"It was really powerful having cancer survivors come speak to us. It helped me get a better idea of how life-changing ovarian cancer is," commented one student at the Pacific University School of Pharmacy.
Another said, "While listening to the panel discussion I was really thinking about how important empathy is for us as professionals, especially when dealing with patients who are going through something as tough as cancer is. We, as pharmacists, can really make a difference in our patients' lives if we are empathetic, listen to their concerns, and are patient when they ask us questions."
Survivors Teaching Students ® is a program of the Ovarian Cancer Research Fund Alliance. Locally, about 20 survivors are trained to present their stories to future medical professionals in our area. These women tell their personal accounts of diagnosis and treatment with the goal of influencing how a medical, nursing, pharmacy, or other student views the disease and its impact on the patient, while also imparting vital information about the disease and its symptoms.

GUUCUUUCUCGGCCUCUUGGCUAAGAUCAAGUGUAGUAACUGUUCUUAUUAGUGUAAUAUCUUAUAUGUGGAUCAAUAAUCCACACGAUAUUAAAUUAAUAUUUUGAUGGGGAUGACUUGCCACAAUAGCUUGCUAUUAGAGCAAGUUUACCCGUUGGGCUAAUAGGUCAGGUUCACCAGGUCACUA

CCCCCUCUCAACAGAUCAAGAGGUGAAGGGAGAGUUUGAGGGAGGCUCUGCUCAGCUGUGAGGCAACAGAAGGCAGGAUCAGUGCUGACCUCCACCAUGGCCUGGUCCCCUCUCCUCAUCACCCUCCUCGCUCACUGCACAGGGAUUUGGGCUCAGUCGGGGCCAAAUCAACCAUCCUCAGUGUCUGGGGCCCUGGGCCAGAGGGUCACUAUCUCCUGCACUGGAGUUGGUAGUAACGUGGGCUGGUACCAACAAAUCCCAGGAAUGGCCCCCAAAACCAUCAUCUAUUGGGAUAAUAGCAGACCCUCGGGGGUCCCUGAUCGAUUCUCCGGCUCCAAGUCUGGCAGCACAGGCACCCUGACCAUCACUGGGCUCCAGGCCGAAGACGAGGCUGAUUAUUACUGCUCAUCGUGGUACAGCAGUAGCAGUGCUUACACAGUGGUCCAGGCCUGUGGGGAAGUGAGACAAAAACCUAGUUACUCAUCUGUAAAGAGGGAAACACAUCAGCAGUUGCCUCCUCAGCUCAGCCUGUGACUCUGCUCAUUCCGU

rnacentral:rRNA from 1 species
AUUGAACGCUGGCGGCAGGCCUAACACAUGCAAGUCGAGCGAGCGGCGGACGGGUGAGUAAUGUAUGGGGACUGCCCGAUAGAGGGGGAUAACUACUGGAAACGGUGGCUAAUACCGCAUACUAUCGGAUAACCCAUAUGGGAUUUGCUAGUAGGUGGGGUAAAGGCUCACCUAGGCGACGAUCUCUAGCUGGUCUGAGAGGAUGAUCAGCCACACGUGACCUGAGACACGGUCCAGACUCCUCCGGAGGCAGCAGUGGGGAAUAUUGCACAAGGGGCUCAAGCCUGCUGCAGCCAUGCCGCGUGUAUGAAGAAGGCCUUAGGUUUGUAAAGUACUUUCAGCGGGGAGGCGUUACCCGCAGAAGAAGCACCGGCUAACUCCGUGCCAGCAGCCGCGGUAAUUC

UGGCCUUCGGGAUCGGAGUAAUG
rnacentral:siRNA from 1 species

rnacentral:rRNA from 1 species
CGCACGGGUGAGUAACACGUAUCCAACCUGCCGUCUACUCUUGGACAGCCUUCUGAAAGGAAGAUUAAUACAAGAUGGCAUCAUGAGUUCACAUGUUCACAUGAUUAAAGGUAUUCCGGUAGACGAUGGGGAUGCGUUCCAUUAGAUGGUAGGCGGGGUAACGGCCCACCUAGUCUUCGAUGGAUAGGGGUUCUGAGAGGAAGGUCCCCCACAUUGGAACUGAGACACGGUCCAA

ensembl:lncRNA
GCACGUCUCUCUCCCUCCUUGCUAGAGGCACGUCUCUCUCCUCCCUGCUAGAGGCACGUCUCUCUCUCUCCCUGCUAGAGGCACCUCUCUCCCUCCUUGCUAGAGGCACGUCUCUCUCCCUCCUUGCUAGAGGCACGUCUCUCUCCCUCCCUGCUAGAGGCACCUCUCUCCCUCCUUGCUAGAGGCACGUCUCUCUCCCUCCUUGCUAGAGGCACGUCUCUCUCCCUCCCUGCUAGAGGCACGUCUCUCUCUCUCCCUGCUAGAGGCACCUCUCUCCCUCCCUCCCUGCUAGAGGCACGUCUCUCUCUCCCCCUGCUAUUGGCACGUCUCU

The STS ® volunteers speak to students about every 2 weeks during the year, telling their stories to more than 700 future medical providers annually.
"Today's discussion has provided me with more insight into how cancer patients view their disease. The discussion is going to help me to better relate to the patients as a future medical professional," said a Pharmacy student at Pacific. "Being able to understand what cancer patients are going through will not only make us better pharmacists, but it will translate into positive patient care outcomes."
In conclusion, an additional student commented, "it was a huge honor to be able to hear these amazing women speak about their experiences; I was struck by how smart, capable and unbending to cancer they were, and still are. I was impacted by how they described -- not so much what their pharmacist or other providers did -- but the empathy they showed."